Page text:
Distribution Map



2, 3, 4, 5, 7, 8, 22, 28, 29, 30.




Species native to Europe, Asia, and northern Africa. Cultivar selected in northern Italy, widely cultivated, rarely escaped.




Uncommon in Minnesota outside of cultivation.

  Kingdom Plantae (green algae and land plants)  
  Subkingdom Viridiplantae (green plants)  
  Infrakingdom Streptophyta (land plants and green algae)  
  Superdivision Embryophyta (land plants)  
  Division Tracheophyta (vascular plants)  
  Subdivision Spermatophytina (seed plants)  
  Class Magnoliopsida (flowering plants)  
  Subclass Rosidae  
  Superorder Rosanae  


Malpighiales (nances, willows, and allies)  


Salicaceae (willow)  
  Subfamily Salicoideae  
  Tribe Saliceae  
  Genus Populus (poplars, cottonwoods, and aspens)  
  Section Aigeiros  
  Species Populus nigra (black poplar)  

Subordinate Taxa




Populus dilatata

Populus italica

Populus nigra var. italica


Common Names


black cottonwood

black poplar

Lombardy poplar

Lombardy’s poplar










A slim, cylindrical, drooping cluster of many flowers. The flowers have no petals and are either male or female but not both.


Simple leaf

A leaf that is not divided into leaflets, though it may be deeply lobed or cleft.

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    Lombardy poplar      



  Populus nigra 'Italica'
Blake C. Willson
  Populus nigra 'Italica'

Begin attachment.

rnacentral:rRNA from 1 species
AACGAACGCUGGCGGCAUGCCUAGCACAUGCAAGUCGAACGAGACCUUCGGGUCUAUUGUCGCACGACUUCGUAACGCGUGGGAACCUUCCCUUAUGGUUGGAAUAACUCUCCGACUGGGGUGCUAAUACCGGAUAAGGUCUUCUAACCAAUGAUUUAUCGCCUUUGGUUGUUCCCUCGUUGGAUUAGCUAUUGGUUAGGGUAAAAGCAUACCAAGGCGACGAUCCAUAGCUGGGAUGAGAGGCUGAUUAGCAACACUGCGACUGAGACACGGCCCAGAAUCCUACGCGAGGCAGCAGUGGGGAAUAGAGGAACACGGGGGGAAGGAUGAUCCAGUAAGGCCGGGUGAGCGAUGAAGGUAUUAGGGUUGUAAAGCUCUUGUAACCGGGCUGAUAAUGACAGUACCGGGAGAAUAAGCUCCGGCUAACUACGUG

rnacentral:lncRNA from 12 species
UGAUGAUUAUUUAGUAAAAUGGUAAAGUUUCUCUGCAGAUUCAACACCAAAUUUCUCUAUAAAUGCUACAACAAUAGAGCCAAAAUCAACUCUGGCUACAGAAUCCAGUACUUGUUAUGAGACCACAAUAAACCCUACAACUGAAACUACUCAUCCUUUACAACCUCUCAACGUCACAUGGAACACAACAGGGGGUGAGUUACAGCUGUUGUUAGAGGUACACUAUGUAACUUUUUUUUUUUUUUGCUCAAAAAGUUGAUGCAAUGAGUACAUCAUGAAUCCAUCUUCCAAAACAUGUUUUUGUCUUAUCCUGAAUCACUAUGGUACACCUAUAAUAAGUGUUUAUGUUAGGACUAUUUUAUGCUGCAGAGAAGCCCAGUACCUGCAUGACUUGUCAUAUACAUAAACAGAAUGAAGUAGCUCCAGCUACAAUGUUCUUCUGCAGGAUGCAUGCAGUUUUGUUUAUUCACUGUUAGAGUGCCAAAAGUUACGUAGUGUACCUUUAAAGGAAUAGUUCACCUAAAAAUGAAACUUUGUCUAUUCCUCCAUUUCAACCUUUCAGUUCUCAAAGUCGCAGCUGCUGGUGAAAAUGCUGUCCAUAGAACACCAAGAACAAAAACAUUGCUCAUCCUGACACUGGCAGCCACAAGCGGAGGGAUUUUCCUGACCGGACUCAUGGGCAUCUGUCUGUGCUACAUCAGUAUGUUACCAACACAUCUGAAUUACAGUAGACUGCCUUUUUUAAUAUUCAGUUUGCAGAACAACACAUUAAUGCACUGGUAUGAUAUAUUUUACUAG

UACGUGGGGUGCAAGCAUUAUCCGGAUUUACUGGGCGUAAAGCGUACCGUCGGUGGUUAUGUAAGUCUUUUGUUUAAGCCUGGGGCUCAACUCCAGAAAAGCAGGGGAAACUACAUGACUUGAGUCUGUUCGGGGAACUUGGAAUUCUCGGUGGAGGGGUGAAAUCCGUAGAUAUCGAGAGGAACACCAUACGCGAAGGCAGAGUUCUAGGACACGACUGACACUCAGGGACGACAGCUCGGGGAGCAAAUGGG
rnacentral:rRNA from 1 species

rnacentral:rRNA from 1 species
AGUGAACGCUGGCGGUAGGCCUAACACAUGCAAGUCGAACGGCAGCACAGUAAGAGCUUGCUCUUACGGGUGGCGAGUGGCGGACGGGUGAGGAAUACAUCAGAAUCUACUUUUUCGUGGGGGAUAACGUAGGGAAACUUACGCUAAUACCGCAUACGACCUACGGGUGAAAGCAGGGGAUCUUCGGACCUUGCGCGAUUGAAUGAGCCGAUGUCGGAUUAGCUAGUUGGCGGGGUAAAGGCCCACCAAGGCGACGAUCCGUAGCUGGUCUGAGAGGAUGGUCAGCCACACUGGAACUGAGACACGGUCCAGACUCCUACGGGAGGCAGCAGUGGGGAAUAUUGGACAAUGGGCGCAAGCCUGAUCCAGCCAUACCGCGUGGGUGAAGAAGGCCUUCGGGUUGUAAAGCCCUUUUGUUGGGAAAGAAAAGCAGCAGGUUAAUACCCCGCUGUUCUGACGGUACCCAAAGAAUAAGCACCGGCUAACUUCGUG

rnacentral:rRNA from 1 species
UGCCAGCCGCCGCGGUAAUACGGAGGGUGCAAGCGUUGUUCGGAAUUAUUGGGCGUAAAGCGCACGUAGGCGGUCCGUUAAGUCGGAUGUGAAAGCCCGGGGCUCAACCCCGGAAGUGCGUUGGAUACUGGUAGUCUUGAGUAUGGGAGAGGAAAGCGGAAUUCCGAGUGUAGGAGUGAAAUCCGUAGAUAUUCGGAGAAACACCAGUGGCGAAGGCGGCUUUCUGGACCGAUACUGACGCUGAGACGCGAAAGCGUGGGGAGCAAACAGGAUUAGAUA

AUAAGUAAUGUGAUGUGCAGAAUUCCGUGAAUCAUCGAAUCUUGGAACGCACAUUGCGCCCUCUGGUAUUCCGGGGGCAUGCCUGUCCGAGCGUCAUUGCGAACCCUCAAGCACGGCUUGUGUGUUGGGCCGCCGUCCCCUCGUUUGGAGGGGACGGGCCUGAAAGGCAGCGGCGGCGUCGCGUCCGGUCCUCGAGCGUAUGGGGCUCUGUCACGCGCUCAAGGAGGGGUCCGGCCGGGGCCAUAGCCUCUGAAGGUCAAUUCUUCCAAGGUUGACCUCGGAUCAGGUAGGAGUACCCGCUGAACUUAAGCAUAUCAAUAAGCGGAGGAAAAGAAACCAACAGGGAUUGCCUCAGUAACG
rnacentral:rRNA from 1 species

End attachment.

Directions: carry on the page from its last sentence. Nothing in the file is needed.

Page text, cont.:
Lombardi Poplar




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Other Videos
  Lombardy Poplar Shade Tree
Pat Rick

Uploaded on Oct 12, 2010


The Lombardy Poplar Shade tree is a popular, fast growing tree that can grow into a privacy screen up to 60 feet tall in the U.S, and in Europe some specimens have grown up to 100 feet tall. The Lombardy Poplar tree is a beautiful shaped column that when planted eight feet apart will grow into a solid dense privacy screen that will block noise and toxic fumes from automobiles. Lombardy poplar trees can grow 4 to 6 feet in a year and are cold hardy in most of the United States. Whether the soils are poor and sandy or rich, loamy earth, the Lombardy poplar easily adapts to growing faster in almost any environment requiring a minimum amount of care and attention. The best and fastest tree growth can result in planting the trees in partial or fun sun and heavy watering. The large green leaves of the Lombardy poplar are in constant motion, even from the tiniest breeze and make windy noises like waves crashing against the ocean shore. In the fall the leaves turn into a brilliant yellow fall color. Remember to order a few Lombardy Poplar trees to grow when planted next to form a leafy, dense wall to ensure your privacy block. Some customers claim that their Lombardy Poplar tree have grown into an amazing 12 feet in just one year. Order your trees now Call Ty Ty today!!

  Lombardy Poplar Tree Shade Tree
Pat Rick

Uploaded on Jan 19, 2010